They’ve had their puppy vaccinations and your new family member has settled in. A year later, you’re called for booster jabs. But with a healthy pup, are yearly vaccines for dogs really necessary?
No pet owner wants their cute little pooch to get sick with a disease, especially one that is easily preventable with a simple vaccination. Many of the diseases vets vaccinate for can be fatal for our furry friends, so it makes sense to protect your dog. But are booster vaccinations actually necessary every year?
There are lots of different opinions about vaccinations online and, while you might read scary tales, vaccines are generally incredibly safe. Negative reactions to vaccines are uncommon. While it's always best to speak to a vet who can advise personally about your dog, in this article the most common questions about vaccinations for dogs will be explained to help you make an educated choice.
What’s the purpose of yearly vaccines for dogs?
Lots of new puppies come home to you for the first time having already started their vaccinations with their breeder or rescue centre. It's likely you had to take them for a second or third vaccination with a vet before they were allowed out to enjoy the great outdoors. But now what? It’s a year later and the vet has contacted you to say it's time for your pup's annual booster... but what is a booster? And why is this so important?
Vaccinations are used to stimulate immunity to contagious diseases – these may be passed from dog to dog directly, or can be picked up from the environment. Unfortunately the immunity your dog gained from their puppy vaccines doesn't last for the whole of their life. The booster vaccine gives them a top up of this immunity, and helps to protect them from these potentially fatal diseases. If the protective antibody levels present in your dog's body aren't boosted annually, they are at higher risk of succumbing to these sometimes deadly diseases.
Are yearly vaccines for dogs really necessary?
Annual vaccines for dogs are a heavily debated subject. There are many horror stories online regarding vaccinations, but negative reactions to vaccines are few and far between. A vet is the best person to advise on vaccinating your dog, as they have access to their medical history. Provided your dog is fit and healthy, it's unlikely that you'd see any negative effects of the vaccine – usually the trip to the vets is the worst part. The risks of contracting a disease that could seriously harm or even kill your dog far outweigh the risks associated with vaccinations.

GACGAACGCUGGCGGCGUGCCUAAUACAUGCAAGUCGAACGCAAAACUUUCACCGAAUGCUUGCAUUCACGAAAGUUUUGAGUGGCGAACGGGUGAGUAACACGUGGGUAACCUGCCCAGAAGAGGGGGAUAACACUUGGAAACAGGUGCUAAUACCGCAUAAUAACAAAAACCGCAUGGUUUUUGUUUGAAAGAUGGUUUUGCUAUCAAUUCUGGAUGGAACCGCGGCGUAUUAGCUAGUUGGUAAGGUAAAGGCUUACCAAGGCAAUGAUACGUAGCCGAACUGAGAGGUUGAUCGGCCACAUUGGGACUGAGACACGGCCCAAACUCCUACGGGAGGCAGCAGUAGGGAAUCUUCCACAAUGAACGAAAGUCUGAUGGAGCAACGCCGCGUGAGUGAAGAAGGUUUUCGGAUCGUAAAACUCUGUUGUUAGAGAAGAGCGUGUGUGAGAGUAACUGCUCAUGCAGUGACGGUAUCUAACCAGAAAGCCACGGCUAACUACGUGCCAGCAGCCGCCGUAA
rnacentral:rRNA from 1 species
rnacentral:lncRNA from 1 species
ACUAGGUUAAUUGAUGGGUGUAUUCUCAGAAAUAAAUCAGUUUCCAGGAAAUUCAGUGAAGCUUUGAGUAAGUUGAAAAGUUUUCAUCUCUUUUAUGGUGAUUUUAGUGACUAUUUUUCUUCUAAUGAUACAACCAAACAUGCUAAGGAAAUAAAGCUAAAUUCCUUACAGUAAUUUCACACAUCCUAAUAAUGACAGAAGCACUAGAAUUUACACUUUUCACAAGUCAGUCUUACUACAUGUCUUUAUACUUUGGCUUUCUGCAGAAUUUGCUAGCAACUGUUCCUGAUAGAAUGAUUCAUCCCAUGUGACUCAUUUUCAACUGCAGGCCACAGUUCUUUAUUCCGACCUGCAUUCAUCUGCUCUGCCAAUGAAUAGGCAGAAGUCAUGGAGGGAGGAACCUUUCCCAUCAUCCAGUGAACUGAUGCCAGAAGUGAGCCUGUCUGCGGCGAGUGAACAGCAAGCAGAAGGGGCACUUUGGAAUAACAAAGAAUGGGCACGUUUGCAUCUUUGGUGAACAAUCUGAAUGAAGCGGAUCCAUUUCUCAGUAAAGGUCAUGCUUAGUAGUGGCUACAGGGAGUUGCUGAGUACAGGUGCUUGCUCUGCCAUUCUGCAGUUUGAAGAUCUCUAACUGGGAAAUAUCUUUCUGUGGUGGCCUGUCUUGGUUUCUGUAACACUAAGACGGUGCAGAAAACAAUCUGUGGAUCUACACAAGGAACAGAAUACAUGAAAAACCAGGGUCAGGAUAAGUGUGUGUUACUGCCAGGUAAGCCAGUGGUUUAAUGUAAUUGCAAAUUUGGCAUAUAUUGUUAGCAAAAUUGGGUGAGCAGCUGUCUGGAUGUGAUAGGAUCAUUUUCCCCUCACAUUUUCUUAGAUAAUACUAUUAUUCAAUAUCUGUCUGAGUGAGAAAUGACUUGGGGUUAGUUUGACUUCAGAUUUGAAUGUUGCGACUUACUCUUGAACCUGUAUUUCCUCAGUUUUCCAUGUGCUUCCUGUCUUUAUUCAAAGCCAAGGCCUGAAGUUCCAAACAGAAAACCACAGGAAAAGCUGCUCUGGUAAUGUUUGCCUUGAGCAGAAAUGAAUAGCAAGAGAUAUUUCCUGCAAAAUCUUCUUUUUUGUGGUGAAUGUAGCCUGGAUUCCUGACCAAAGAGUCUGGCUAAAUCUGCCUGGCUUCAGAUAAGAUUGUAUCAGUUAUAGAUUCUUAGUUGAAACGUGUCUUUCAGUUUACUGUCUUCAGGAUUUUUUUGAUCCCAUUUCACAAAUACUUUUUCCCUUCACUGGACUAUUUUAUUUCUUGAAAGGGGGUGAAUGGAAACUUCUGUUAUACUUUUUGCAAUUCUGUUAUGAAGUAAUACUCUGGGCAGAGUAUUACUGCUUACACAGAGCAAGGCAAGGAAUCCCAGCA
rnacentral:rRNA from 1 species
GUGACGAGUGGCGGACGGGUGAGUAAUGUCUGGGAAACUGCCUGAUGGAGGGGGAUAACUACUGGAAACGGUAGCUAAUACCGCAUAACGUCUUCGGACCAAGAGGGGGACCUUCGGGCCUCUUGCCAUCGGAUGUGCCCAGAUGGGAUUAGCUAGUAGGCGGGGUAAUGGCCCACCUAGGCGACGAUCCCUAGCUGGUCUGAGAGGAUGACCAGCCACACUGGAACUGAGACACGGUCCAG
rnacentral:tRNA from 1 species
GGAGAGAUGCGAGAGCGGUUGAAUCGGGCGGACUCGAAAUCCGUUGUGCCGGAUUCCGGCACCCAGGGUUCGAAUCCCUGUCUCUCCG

There's lots of talk regarding whether annual jabs are necessary, and that the protective cover vaccines offer may last more than the 12 months advised. Most vets have changed the way they vaccinate dogs and only vaccinate for certain diseases every three years based on the scientific evidence of how long this immunity may last. Titre testing is available as an alternative to annual vaccines for some diseases, but not all. This test checks your dog’s antibody levels, and if they are adequate they may not need the vaccination. However if these levels are lower than the protective amount, a booster will be needed. Certain vaccinations, for example that for leptospirosis, are still required annually as the evidence suggests that the protection a booster vaccination offers doesn't last more than 12 months, and titre testing doesn't work for this disease.
Vets and vaccination manufacturers have tried to reduce the intensity of vaccine regimes, and will be happy to discuss any safety or requirement concerns you might have. The vet will be able to discuss your options for vaccination, based on your dog's individual needs and their experiences of vaccination. Hopefully from that, you will be able to make an informed decision for your pet.
Why should you regularly vaccinate your dog?
Regular vaccinations help to prevent your dog becoming infected with potentially fatal conditions. The diseases vets vaccinate for are common in areas with a high population of dogs, and which therefore spread quickly between individuals. These diseases are often incredibly difficult to treat, and require long times spent in the veterinary hospital while vets try to save your pup. Unvaccinated dogs have a high potential to spread these diseases through whole populations – your friends, families or neighbours pets could easily be affected. So keeping your dog up to date with their vaccines protects other animals in the community, too.
Vaccinations are vigorously and continuously tested for safety and efficacy, and owners’ safety concerns are reported to vaccine manufacturers if there are any adverse effects. These vaccines are safe, effective and much cheaper than treating your poorly pet.
What are the side effects and risks of yearly vaccines for dogs?
The benefits of booster vaccinations, whether annual or three yearly as required, are clear, but it's important to discuss the risks and potential side effects too.